Evaluation of acute tacrine treatment on passive-avoidance response, open-field behavior, and toxicity in 17- and 30-day-old mice

S. Y. Pan, Yifan Han, Z. L. Yu, R. Yang, H. Dong, K. M. Ko

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8 Citations (Scopus)


The potential of tacrine in altering cognitive/behavioral function as well as in causing toxicity was evaluated in mice of 17 and 30 days of age. Cognitive and behavioral studies were performed using a step-through passive avoidance task and a habituation open-field test with a 24-h retention interval. Tacrine was subcutaneously injected (1.25-80 μmol/kg) 30 min prior to the first session of both tests. During the training session in step-through task, tacrine treatment dose-dependently decreased the number of footshocks, with IC50values being 7.8 and 23.3 μmol/kg in 17- and 30-day-old mice, respectively. Treatment with tacrine at a low dose (5 μmol/kg) significantly prolonged the retention latency in 17-day-old mice only, but it shortened the retention latency at high doses of 20 and 40 μmol/kg in 17- and 30-day-old, respectively. During the acquisition session in the open-field test, tacrine treatment dose-dependently decreased the locomotor activity in 17- and 30-day-old mice, with IC50values being 15.1 and 24.7 μmol/kg, respectively. High doses of tacrine invariably increased the locomotor activity during the recall session. Tacrine treatment at a dose of 40 μmol/kg caused a significant increase in serum alanine aminotransferase activity in 17- and 30-day-old mice at 6 h post-dosing, with the extent of stimulation in 30-day-old mice being more prominent. In conclusion, tacrine was more potent in enhancing/disrupting the cognitive function, inhibiting locomotor activity as well as in causing hepatotoxicity in 17-day-old than in 30-day-old mice.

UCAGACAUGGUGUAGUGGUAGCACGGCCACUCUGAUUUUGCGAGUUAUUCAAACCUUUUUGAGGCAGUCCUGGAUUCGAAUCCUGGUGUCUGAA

Original languageEnglish
Pages (from-to)50-56
Number of pages7
JournalPharmacology Biochemistry and Behavior
Issue number1
Publication statusPublished - 1 Sep 2006
Externally publishedYes


  • Acute toxicity
  • Defecation
  • Developmental changes
  • Hepatotoxicity
  • Locomotor
  • Open-field memory
  • Passive-avoidance response
  • Tacrine

ASJC Scopus subject areas

  • Biochemistry
  • Behavioral Neuroscience
  • Pharmacology

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